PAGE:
Like I said, mostly cordial.

“Thinking pizza back at my place… you’re welcome to come by, or I’ll run them back home after.”

“What about your friend?”

I hadn’t told her about Stacie, but Ellen had no doubt seen our interactions.

When we were married, she would get annoyed whenever I’d ask how many times she thought we’d had sex. So many times a week, times so many weeks a year, times the years. Factoring in the pre-kids and post-kids variables. To the virginal me, it had seemed such a long haul to the first one, first home run if you will, that any more than that was gravy. Lots of gravy as it turned out, although not everybody cares that much for gravy, surprisingly enough.

My wins above replacement re: Stacie had a ways to go. I remembered the meeting with the VP, and not just her shoes. She said her son Eddie, after his first day of work, had seen Stacie put her hand on my ass as we walked to our cars in the parking lot.

“She isn’t going to make it,” I said.

“Good,” Ellen said. “Spend some time with your kids.”

The game ended in a tie, as the mosquitos began to swarm with the dusk and suck out any desire for extra innings. Ellen talked to the twins before heading to her car.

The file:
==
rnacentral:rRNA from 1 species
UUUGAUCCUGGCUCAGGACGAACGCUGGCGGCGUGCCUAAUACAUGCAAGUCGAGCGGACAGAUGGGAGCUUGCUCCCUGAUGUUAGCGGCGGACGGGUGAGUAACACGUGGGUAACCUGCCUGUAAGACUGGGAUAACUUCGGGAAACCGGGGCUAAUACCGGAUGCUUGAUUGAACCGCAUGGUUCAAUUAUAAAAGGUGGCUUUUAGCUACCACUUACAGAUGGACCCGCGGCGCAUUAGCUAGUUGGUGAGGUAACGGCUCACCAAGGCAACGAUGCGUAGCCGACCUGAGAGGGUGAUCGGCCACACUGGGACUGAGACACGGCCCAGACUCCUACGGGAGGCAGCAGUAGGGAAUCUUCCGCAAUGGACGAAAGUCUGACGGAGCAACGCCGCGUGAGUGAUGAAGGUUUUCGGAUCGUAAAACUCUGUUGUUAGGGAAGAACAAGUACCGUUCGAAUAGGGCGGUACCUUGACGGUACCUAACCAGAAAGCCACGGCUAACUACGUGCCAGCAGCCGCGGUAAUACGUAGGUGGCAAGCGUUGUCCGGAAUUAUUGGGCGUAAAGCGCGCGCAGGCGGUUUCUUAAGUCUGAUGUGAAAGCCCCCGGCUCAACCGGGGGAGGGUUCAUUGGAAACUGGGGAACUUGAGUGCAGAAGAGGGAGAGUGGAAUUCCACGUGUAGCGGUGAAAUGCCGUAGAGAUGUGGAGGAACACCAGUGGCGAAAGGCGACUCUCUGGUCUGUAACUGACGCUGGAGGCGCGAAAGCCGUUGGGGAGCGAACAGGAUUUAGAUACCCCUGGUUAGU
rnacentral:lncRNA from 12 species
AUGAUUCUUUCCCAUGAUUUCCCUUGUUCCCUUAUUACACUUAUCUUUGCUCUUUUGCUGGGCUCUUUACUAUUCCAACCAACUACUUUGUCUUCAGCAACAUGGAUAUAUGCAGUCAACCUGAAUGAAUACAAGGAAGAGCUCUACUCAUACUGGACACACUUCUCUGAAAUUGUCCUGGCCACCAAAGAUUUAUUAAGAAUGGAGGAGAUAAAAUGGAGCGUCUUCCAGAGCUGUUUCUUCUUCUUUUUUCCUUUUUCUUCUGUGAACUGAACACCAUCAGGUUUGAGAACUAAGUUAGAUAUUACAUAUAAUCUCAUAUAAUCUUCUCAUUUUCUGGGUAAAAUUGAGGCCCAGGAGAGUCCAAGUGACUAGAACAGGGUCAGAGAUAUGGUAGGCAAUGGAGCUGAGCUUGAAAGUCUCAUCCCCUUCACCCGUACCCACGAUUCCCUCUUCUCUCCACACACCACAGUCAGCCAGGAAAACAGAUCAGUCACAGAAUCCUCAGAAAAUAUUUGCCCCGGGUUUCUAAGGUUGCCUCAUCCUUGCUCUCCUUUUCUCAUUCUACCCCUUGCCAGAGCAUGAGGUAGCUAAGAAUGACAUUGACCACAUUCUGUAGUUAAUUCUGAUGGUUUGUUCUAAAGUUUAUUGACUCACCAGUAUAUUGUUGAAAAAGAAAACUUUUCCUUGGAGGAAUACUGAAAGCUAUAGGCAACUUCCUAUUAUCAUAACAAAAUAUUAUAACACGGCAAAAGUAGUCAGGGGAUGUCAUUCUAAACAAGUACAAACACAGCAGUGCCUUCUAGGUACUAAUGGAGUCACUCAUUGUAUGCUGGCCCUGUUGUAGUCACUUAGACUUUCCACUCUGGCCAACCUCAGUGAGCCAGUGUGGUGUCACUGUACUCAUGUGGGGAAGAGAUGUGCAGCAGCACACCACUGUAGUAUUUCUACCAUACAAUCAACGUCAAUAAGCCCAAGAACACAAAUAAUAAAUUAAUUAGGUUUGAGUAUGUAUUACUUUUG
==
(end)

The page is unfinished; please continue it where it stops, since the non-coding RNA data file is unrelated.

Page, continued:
Stacie and the VP were still near the bench, swatting bugs. Stacie’s voice was getting loud. I was glad to have an out.

“Come here, you guys,” I said.

I put an arm around each of them as we walked up the slope to the parking lot, Sally on my left, a little taller than her brother.

The twins didn’t like where I’d moved to, one exit up from the building where I worked. The first time they were there, Sally said it smelled funny. Tim gave the air a sniff and agreed.

I decided we’d eat at the pizza place, avoid my stinking condo. I’d text Stacie, to cover my bases, and if she showed up at the restaurant we’d pretend it was a coincidence. Then, we’d have a fine time, nobody being such a dick as to count how many slices we ate.